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Dental care habits of Americans are revealed in survey

A study reveals many people avoid smiling because they don’t like their teeth. (Photo: @cyclinsam,

Mon. 28 March 2022


New research detailing the dental habits and preferences of Americans was presented to the public as a way to help bring attention to World Oral Health Day, held on March 20. A tech company, Weave, commissioned an independent study of more than 1,100 people to learn more about their dental care hygiene habits and their preferences for interacting with their dental care providers.

The data shows that most patients prefer more “modern” dental practices — those who send both appointment reminders and payment requests via text messages. The study also reveals several darker data points illustrating the poor oral health habits of some respondents, based on laziness or forgetfulness, when it comes to good oral hygiene.

“Being a dentist is tough, not just because caring for teeth is a complex profession, but because most patients don’t like going to the dentist. Many people are fearful of dental visits because their poor oral hygiene habits almost always end in painful treatments,” said Jeff Lyman, chief product officer at Weave.

Some key data points from the study include the following:

  • 41 percent of patients would forget to schedule a cleaning if they didn’t receive a reminder from their dentist.
  • More patients like to be reminded about dental appointments by text than by phone call or email.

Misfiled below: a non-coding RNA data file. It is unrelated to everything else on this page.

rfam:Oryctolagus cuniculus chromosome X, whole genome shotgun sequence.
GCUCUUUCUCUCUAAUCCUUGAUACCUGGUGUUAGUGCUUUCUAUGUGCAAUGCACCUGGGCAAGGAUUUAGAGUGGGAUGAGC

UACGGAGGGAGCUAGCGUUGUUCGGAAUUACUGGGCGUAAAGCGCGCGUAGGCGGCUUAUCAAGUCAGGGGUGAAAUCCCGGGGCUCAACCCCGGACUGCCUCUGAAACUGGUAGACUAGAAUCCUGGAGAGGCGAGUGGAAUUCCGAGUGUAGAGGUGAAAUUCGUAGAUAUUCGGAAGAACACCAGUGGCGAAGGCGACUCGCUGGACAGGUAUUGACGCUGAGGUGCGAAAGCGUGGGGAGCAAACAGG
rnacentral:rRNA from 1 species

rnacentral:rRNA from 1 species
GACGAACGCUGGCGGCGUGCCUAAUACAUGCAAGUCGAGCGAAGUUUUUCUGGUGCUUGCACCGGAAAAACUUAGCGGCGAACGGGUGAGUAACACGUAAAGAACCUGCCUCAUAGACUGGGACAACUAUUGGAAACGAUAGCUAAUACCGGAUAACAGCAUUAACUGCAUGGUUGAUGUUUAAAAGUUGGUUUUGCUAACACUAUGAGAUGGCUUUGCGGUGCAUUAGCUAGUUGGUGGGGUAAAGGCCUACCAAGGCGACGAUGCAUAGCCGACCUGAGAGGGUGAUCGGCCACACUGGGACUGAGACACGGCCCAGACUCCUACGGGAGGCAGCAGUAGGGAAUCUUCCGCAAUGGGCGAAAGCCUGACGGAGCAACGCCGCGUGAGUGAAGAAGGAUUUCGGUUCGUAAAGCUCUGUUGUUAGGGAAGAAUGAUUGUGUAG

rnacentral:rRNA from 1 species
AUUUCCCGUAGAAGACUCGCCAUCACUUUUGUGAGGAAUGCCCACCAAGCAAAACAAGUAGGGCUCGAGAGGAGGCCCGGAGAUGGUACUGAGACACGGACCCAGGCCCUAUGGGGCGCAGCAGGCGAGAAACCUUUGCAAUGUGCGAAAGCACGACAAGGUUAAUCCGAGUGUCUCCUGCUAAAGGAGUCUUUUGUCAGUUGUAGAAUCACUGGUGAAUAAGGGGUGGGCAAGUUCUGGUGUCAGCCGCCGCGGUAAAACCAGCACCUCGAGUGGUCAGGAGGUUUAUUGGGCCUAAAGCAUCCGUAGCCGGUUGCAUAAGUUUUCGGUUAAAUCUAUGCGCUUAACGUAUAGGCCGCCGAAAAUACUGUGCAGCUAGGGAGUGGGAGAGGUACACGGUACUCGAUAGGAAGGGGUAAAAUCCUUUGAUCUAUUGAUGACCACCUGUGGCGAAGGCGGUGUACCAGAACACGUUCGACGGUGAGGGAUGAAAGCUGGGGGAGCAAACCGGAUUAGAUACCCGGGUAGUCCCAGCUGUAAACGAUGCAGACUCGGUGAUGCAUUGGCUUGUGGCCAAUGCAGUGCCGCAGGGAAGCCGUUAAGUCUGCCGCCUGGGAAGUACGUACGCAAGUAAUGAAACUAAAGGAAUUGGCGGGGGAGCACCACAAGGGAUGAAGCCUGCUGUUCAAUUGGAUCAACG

• 86 percent of patients say they will pay attention to a text from their dentist.
  • More people say bad breath more of a dating dealbreaker than being broke.
  • Nearly 60 percent of people who avoid going to the dentist regret it later.
  • 41 percent of patients would prefer to pay their dental bill via text, but only 12 percent say their dentist accepts text payments.
  • Nearly 70 percent of patients would gladly leave an online review if their dentist sent them a link to do so.
  • 74 percent of respondents want someone else to tell them if they have bad breath, but 77 percent definitely aren’t comfortable telling someone else they have bad breath.
  • 30 percent of people have had their day ruined because they walked around with something stuck in their teeth without knowing.
  • 23 percent of patients want more laughing gas but are embarrassed to ask.
  • 50 percent of people avoid smiling because they don’t like their teeth.
  • 53 percent of patients have gone more than three years without getting their teeth checked.
  • Top moments ruined by food stuck in teeth include job interviews, first dates, work presentations, having sex, family photos, wedding photos and speaking in public.

Weave commissioned independent market research firm TrendCandy to survey a random sample of 1,137 dental patients around the United States. The study was conducted in February 2020 and has a margin of error of plus or minus 2.9 percent at the 95 percent confidence level.

(Source: Weave)

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